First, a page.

Old vs. New: 4 things the Galaxy Note Edge's side panel did better than the LG V10's ticker
Ah, the Samsung Galaxy Note Edge — Samsung's first "Edge" design that wowed the world with a display that is curved on one side, creating room for a secondary display used for app shortcuts, notifications, and different app controls. Unfortunately, Samsung chose to simplify the concept in favor of creating a more symmetric and ergonomic design with the Galaxy S6 edge and Galaxy S6 edge+. Gone are the Edge panels, as the two new models make use of a shallower curve and offer a more "core" set of functions, such as calling up favorite apps, favorite contacts, night clock, and a news ticker.
Near the end of 2015, LG introduced the V10. A large smartphone, which had a 2.1" secondary screen accompanying its 5.7" display, projecting notifications even when the phone is sleeping, and offering home to a few separate panels of its own – favorite apps, recent apps, tools, and a customizable owner name or message. Seeing as these features are very similar to the ones the Galaxy Note Edge had, it's hard not to draw comparisons between both concepts. So, let's see how the old battles the new – here are 4 ways in which we think the Note Edge's Edge Panel is more useful than the LG V10's ticker.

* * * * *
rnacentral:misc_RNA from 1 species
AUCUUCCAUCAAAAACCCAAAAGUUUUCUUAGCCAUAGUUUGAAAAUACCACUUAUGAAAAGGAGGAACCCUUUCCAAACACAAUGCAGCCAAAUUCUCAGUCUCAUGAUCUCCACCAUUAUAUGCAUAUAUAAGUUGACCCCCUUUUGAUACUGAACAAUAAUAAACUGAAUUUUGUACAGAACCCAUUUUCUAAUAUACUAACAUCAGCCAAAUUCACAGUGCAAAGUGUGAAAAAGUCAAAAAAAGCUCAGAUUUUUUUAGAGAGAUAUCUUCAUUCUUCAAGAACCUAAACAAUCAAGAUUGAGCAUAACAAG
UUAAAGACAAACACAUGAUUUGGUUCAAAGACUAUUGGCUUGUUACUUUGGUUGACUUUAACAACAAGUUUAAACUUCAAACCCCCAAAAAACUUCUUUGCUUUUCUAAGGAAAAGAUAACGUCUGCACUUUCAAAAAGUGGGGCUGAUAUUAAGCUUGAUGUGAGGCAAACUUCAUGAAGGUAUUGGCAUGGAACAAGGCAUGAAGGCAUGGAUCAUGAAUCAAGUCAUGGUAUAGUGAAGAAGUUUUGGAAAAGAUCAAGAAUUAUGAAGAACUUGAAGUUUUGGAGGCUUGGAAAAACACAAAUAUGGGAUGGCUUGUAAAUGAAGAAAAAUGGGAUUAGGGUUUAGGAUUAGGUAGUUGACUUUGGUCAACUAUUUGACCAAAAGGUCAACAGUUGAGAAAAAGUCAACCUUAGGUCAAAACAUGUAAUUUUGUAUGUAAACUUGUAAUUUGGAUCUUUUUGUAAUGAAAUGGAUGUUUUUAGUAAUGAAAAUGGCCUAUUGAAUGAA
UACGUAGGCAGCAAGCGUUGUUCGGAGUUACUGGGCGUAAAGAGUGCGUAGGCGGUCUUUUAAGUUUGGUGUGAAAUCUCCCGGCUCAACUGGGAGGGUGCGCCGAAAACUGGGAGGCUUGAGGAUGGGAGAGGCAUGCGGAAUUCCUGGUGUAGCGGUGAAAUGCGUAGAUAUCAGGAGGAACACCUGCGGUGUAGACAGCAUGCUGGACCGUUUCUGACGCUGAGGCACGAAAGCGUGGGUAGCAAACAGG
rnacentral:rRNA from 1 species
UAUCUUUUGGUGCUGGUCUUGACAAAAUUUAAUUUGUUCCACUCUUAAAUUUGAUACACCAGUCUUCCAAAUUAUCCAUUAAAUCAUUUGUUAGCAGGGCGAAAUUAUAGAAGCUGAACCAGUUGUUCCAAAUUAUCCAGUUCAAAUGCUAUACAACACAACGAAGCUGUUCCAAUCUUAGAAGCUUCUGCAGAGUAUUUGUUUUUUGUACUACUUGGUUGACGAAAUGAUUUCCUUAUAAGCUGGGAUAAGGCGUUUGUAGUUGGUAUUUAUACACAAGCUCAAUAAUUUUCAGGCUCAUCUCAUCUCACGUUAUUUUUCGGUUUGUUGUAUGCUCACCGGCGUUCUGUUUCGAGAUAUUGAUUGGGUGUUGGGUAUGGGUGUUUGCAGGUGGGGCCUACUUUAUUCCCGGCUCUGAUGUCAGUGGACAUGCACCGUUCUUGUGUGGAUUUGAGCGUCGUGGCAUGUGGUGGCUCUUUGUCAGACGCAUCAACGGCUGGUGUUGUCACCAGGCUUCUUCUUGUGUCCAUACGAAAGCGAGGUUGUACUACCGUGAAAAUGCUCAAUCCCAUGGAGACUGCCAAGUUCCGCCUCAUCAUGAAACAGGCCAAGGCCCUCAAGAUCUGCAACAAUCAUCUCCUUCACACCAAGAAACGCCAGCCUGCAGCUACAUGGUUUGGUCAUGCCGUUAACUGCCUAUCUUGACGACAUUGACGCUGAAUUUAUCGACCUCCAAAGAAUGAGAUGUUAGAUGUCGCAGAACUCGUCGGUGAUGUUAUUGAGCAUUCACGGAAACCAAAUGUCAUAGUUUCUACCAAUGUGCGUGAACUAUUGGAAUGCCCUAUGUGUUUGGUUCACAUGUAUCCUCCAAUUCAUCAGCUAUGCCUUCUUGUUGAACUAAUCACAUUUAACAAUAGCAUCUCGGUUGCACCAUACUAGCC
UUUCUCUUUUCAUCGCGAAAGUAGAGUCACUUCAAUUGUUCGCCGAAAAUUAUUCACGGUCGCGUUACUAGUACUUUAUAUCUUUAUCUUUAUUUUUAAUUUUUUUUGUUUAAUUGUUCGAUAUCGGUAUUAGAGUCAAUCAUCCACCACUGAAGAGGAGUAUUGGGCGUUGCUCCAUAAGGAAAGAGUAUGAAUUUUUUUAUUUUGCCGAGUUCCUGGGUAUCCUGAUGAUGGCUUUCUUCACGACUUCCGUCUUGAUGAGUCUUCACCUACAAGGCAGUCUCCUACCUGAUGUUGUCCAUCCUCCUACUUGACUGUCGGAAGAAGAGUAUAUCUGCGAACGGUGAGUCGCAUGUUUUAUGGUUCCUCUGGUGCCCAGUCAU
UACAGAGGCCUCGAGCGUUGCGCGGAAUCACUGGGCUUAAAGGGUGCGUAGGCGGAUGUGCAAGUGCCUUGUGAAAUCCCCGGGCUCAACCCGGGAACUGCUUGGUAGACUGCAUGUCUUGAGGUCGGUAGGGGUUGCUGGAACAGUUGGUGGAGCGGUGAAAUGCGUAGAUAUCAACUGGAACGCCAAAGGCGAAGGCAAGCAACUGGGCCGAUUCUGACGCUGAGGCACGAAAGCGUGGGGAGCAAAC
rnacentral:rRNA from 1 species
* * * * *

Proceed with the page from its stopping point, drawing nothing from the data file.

The Note Edge's secondary screen is off to the right side of the smartphone. It's easier to reach at any time – even when the user is handling the phone with one hand. The LG V10's secondary screen is to the north of its gargantuan 5.7" display, making its "favorite apps" panel useful only when the user is holding the device with both hands.
The Note Edge gives the option to developers to code different panels for it. Granted, not many have jumped at the chance, but there are some options out there in the Galaxy App Store – volume controller, used Data meter, a complex panel, which acts as a task manager and favorite apps shortcut, et cetera. Some are good, some are bad, but the choice is still there. The V10's Secondary Screen is limited to what panels LG shipped it with.
The LG V10's Secondary Screen can hold up to 5 shortcuts to your favorite apps. The Note Edge's panel is scrollable, so you can easily have an entire home screen's worth of apps placed on it.
Samsung stock apps on the Galaxy Note Edge make use of the Edge Screen by moving some of their options buttons to it. The S Note app has all the settings migrated to the Edge, the camera has its settings moved around to it, et cetera. It doesn't sound like much until you are met with a larger viewfinder or more writing room in the S Note app. Due to its placement and size, the V10's ticker can hardly offer the same.